Students prescribed psychological services

Since the tragic event happened on May 4, when Santa Monica College student Tian Lu committed suicide on campus, the psychological services provided by the school have been a topic of discussion.

However, many students are not even aware that SMC offers free psychological help.

To raise awareness of these services, an open house was held in the office for psychological services Monday, kicking off SMC's Mental Health Week.

About 50 students and professors came by the office, where refreshments and free massages were offered. Even though many of the visitors came looking for the free snacks, all of them left with a little more information about the different services provided.

The office is open between 9 a.m. and 5 p.m., Monday through Friday, with walk-in hours from 10 a.m. to noon and 3 to 4 p.m. Monday through Thursday, and 10 to 11 a.m. on Fridays.

However, appointments are recommended because of high demand.

"There are only six of us, and over 30,000 students," said Dr. Amy Rosenblatt, a psychologist at SMC. "Because of that, we have volunteers from Didi Hirsch Mental Health Center and Family Services of Santa Monica once or twice a week."

Only short-term treatment is offered on campus, and if students are in need of further care, they will be referred to a nearby clinic.

According to the office, 34 percent of community college students in the country suffer from depression, and eight percent have considered suicide in the past year.

No problem is too small for the doctors, and they welcome all students.

"We never turn a person down. Anyone who comes in will get some kind of service," said Martha Whitfield, a clerk at the student services. "And if you haven't paid the health fee, we will let you get one appointment anyway. The purpose is to help everybody."

The staff at the psychological services office have noticed an increase in students seeking help this past week. Professors have also sought help on how to see the different signs of depression in their students.

The waiting list for an appointment is approximately 30-40 names, but crisis situations are always highest priority.

"If someone comes in and says that he or she is thinking about suicide, or might hurt others, we make an appointment for that person right away," said Rosenblatt.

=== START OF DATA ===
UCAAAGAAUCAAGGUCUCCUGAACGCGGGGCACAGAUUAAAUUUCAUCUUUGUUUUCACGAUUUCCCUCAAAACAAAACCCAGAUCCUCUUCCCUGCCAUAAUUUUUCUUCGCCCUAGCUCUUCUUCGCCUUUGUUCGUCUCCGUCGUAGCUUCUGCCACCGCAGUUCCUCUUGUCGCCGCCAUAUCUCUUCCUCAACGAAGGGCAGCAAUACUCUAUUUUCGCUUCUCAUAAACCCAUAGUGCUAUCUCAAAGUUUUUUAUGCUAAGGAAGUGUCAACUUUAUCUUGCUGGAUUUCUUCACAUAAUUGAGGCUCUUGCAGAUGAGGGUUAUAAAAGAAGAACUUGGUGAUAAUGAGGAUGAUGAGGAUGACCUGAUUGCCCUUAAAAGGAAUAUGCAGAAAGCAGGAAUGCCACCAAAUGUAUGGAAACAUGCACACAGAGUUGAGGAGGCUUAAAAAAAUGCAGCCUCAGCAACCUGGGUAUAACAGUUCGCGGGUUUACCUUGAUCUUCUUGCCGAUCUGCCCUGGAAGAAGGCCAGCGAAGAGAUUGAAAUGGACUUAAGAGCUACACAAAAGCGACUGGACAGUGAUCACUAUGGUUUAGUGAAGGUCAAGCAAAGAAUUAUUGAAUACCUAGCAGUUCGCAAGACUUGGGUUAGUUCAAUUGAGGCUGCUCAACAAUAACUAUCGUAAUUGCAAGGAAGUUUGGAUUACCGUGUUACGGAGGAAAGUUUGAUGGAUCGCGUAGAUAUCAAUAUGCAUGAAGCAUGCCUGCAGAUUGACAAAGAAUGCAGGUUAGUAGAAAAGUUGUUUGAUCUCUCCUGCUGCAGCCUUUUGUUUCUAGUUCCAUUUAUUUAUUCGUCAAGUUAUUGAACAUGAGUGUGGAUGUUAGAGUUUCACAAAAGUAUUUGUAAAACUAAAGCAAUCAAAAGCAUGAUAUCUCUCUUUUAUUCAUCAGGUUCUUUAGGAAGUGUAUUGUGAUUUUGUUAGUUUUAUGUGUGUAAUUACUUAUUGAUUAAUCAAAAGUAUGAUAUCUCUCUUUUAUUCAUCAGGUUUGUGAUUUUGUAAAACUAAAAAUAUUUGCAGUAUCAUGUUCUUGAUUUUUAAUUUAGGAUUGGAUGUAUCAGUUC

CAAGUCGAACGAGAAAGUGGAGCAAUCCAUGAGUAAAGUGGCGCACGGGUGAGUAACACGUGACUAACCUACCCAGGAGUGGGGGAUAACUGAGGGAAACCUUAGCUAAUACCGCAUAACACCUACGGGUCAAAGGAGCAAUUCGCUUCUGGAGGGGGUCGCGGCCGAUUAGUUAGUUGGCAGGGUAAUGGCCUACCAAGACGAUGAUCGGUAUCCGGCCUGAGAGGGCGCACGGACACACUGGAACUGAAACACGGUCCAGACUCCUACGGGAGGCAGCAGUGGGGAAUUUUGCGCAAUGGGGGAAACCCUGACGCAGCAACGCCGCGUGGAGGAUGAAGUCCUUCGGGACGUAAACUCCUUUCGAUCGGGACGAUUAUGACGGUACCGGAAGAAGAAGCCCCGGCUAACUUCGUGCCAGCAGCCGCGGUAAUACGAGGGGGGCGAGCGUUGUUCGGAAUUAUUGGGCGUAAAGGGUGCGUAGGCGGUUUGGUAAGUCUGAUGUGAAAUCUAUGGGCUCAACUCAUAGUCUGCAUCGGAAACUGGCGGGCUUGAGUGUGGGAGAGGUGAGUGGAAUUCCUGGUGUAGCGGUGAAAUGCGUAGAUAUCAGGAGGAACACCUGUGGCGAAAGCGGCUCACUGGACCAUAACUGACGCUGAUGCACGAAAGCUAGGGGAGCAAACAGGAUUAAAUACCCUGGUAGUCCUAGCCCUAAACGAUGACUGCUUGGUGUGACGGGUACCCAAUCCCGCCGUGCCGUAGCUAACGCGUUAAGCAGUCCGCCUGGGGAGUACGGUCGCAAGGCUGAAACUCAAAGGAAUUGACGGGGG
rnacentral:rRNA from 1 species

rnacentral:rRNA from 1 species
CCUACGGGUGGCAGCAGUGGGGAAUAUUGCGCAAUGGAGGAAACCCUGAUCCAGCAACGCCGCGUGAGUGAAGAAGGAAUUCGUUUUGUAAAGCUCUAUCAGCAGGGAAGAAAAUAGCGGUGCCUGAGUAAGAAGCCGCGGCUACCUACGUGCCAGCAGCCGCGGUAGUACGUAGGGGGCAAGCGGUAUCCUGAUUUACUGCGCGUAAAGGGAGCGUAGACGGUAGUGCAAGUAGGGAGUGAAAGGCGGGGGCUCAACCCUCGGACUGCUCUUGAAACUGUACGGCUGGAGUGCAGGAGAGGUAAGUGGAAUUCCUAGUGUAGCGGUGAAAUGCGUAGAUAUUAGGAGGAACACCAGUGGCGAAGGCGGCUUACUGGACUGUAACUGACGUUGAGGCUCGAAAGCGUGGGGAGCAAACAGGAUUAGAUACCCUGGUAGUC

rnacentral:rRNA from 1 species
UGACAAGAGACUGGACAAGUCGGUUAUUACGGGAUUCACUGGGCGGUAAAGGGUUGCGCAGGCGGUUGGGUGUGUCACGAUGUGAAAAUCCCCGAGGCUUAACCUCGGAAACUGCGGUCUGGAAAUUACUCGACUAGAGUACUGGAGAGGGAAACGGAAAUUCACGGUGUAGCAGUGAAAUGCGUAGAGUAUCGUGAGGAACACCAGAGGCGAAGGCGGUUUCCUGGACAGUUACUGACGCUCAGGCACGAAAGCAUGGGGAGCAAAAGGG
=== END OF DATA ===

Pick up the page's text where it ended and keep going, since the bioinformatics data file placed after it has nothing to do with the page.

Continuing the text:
Appointments are about 50 minutes and only for individual students, not group sessions.

With a growing number of international students at SMC, a common problem can be the language barrier between student and doctor.

"We have had Mandarin and Spanish-speaking doctors. We are hoping to get a Swedish doctor for next year," said Whitfield. "International students are our number one priority. Most of them come here alone, and it might be a tough cultural shock for them."

Everything is confidential and the staff will not give out any information, unless students shows signs of hurting themselves or others.

Some may wonder how to go about reporting a friend or classmate who may discuss taking their own life.

"You can always come to us if you suspect that a friend might be suicidal. We tell you how and what to ask that person," said Dr. Sandra Lyons Rowe, a psychologist. "We don't approach a person, unless it's an emergency. It's always better if a friend takes that step."

The office have previously arranged workshops, both for students and professors, where they learned about the typical signs and how to approach a possibly suicidal person.

These workshops will return if they get enough requests, said Rowe, and hopefully the tragic suicide of Tian Lu can inspire more to show interest in the workshops.

The students anonymity is very important, and the staff do what they have to do in order to keep students protected.

"If someone asks us if a person comes here for help, we will tell them no, no matter if it's a relative or professor," said Rosenblatt.

The files on each student can only be accessed by Whitfield, who files them, and the doctors. Every file is terminated after eight years. The students can not access their own files.

Apart from personal counseling and crisis interventions, the office also provides services for problems with alcohol and other substance abuse.

The doctors in the office are not allowed to give out prescriptions. If a doctor thinks a student is in need of medication, he or she will be referred to a psychiatrist.

The office is closed on weekends, but they provide phone numbers for different hotlines, depending on the students' situations, which can be called at any time.

If a student is in need of help, contact the psychological services at 310-434-4503, or visit their office in the Liberal Arts Building, Room 110.

You can also reach a 24-hour Suicide Prevention Hotline at 310-391-1253.

Niklas ThimComment